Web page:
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Bariatric Surgery and Cardiovascular Deaths – Does Size Matter?



Earlier this week, I posted on an analysis of the SCOUT trial, in which we found a clear and significant ‘dose-response’ relationship between moderate weight loss (3-10 Kg) and reduced cardiovascular outcomes (including death) in the over 10,000 high-risk participants in this trial.

So far, the only data showing a reduction in overall mortality with weight loss comes from studies looking at the effects of bariatric surgery, such as the ongoing Swedish Obese Subjects (SOS) study, which just published its latest findings in the Journal of the American Medical Association (JAMA).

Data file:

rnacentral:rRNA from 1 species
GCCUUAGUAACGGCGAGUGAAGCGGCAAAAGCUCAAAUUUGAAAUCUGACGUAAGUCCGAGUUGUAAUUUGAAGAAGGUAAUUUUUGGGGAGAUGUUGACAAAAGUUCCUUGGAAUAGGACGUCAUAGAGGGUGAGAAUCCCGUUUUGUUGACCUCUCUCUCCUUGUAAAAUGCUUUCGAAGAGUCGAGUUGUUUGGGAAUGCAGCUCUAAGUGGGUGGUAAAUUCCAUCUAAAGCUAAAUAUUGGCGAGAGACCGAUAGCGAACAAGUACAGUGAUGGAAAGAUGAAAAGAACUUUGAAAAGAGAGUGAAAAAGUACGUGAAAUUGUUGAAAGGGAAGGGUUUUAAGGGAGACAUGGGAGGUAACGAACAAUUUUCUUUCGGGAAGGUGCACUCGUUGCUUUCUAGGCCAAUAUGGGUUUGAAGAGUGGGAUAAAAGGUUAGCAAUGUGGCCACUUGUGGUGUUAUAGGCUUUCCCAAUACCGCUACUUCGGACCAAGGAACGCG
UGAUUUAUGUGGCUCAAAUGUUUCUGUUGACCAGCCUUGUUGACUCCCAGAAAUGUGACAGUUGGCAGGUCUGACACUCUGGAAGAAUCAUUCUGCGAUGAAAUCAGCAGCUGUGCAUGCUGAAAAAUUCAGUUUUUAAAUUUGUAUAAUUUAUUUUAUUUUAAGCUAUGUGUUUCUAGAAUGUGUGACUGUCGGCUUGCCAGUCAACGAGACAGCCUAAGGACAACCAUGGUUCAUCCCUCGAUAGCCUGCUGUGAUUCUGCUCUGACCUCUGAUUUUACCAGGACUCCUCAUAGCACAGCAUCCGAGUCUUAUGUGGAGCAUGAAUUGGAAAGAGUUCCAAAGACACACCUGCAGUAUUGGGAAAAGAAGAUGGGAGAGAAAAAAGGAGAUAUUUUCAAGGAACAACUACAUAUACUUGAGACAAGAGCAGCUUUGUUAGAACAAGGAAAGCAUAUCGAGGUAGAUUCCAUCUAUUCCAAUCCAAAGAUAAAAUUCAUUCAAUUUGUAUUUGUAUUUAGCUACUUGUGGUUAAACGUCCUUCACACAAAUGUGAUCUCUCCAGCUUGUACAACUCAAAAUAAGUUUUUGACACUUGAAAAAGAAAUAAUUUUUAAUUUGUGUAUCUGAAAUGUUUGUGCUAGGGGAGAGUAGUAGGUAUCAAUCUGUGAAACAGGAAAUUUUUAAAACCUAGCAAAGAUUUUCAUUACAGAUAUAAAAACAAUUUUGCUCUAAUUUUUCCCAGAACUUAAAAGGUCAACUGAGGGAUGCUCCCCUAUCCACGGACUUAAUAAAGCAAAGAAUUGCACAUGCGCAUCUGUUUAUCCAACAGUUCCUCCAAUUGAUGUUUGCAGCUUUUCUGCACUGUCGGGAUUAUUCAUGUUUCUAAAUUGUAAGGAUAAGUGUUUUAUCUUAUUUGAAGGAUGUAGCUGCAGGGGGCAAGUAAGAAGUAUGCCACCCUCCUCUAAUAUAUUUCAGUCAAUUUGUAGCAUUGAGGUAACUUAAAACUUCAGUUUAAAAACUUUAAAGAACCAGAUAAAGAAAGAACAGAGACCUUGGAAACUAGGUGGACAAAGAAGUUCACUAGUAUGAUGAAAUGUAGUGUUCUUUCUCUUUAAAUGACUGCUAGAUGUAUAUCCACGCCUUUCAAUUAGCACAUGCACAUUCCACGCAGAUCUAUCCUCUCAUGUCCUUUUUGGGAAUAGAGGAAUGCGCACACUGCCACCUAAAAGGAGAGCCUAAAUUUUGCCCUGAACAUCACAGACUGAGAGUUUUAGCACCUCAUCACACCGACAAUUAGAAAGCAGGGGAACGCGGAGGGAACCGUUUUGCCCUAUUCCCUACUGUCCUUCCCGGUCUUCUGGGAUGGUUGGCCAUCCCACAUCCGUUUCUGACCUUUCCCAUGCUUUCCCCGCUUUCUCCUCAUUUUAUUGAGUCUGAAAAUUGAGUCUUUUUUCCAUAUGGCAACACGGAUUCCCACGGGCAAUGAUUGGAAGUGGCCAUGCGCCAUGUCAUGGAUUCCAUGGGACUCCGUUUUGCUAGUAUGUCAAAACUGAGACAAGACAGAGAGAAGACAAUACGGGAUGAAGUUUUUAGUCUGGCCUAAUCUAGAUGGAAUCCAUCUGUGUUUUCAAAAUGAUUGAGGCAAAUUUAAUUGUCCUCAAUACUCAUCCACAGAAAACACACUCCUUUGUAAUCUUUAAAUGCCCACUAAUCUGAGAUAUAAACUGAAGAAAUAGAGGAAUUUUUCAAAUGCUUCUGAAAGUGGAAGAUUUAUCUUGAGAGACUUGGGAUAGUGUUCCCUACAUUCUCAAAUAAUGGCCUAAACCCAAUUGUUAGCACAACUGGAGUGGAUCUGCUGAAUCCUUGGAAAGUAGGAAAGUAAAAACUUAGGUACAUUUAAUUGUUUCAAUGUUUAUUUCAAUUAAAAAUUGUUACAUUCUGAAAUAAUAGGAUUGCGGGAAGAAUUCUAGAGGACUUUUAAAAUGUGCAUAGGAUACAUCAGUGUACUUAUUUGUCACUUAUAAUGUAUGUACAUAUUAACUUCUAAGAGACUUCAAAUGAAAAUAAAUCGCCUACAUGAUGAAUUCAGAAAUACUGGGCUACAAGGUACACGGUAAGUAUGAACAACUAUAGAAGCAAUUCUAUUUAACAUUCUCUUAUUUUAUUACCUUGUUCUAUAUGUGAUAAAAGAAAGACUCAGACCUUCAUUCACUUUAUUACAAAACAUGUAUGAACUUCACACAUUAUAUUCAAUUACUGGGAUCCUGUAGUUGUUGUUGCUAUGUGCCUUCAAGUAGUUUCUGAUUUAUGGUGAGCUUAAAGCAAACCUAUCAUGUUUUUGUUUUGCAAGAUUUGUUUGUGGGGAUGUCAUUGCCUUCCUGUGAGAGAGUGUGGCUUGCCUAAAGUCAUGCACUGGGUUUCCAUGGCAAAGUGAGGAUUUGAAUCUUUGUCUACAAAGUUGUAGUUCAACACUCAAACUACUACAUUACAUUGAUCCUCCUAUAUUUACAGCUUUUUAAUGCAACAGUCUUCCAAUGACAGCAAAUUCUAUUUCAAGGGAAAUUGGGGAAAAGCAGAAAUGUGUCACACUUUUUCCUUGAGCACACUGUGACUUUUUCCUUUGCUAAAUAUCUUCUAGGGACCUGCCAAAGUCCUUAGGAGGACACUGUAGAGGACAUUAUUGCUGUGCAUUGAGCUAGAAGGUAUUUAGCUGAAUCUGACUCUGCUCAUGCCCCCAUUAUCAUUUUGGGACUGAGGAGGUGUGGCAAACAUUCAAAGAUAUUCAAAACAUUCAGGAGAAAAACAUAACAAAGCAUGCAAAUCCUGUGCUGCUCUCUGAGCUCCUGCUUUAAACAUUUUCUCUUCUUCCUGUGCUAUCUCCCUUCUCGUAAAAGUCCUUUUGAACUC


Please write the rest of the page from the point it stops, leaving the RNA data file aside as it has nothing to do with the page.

In this paper, Lars Sjöström and colleagues from the University of Gothenburg, Sweden, specifically examine the relationship between bariatric surgery, weight loss, and cardiovascular events in the SOS study.

Some readers may recall that the SOS study is an ongoing, nonrandomized, prospective, controlled study conducted at 25 public surgical departments and 480 primary health care centers in Sweden of 2010 obese participants who underwent bariatric surgery and 2037 contemporaneously matched obese controls who received usual care. Inclusion criteria were age 37 to 60 years and a body mass index of at least 34 in men and at least 38 in women. Surgery patients underwent gastric bypass (13.2%), banding (18.7%), or vertical banded gastroplasty (68.1%), and controls received usual care in the Swedish primary health care system.